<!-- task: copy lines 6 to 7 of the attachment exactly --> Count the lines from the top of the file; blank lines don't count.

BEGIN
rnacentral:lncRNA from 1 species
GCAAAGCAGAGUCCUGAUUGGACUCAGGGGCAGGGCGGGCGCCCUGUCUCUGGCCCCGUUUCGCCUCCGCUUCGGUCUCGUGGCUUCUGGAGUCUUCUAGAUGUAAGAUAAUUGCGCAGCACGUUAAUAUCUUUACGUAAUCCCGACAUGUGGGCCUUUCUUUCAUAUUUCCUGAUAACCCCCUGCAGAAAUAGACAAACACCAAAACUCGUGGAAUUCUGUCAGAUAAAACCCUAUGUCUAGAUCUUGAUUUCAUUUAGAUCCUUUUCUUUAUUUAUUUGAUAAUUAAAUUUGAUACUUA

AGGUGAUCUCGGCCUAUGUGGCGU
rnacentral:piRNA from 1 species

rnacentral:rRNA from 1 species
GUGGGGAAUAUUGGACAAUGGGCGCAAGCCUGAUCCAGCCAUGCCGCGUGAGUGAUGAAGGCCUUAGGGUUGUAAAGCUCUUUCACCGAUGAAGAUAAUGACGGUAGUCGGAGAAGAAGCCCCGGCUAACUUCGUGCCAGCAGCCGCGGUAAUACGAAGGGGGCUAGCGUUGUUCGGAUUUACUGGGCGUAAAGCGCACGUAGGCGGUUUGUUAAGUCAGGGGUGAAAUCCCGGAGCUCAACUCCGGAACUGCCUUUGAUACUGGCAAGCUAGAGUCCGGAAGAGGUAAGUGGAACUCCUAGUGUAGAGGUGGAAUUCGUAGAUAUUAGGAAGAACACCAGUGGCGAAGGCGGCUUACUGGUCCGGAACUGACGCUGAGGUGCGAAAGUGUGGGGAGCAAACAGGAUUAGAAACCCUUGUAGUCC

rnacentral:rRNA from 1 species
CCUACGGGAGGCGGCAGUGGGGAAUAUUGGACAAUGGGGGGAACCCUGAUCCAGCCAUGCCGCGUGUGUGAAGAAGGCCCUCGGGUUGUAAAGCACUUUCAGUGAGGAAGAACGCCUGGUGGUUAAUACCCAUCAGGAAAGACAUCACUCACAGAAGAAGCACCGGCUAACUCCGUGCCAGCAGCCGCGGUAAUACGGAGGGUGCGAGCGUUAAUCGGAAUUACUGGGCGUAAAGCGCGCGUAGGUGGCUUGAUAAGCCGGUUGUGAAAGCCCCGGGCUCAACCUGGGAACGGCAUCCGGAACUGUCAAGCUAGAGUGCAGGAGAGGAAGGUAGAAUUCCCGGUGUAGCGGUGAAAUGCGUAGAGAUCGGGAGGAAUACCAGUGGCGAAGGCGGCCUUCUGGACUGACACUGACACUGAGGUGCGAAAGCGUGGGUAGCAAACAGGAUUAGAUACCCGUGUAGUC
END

GUGGGGAAUAUUGGACAAUGGGCGCAAGCCUGAUCCAGCCAUGCCGCGUGAGUGAUGAAGGCCUUAGGGUUGUAAAGCUCUUUCACCGAUGAAGAUAAUGACGGUAGUCGGAGAAGAAGCCCCGGCUAACUUCGUGCCAGCAGCCGCGGUAAUACGAAGGGGGCUAGCGUUGUUCGGAUUUACUGGGCGUAAAGCGCACGUAGGCGGUUUGUUAAGUCAGGGGUGAAAUCCCGGAGCUCAACUCCGGAACUGCCUUUGAUACUGGCAAGCUAGAGUCCGGAAGAGGUAAGUGGAACUCCUAGUGUAGAGGUGGAAUUCGUAGAUAUUAGGAAGAACACCAGUGGCGAAGGCGGCUUACUGGUCCGGAACUGACGCUGAGGUGCGAAAGUGUGGGGAGCAAACAGGAUUAGAAACCCUUGUAGUCC

rnacentral:rRNA from 1 species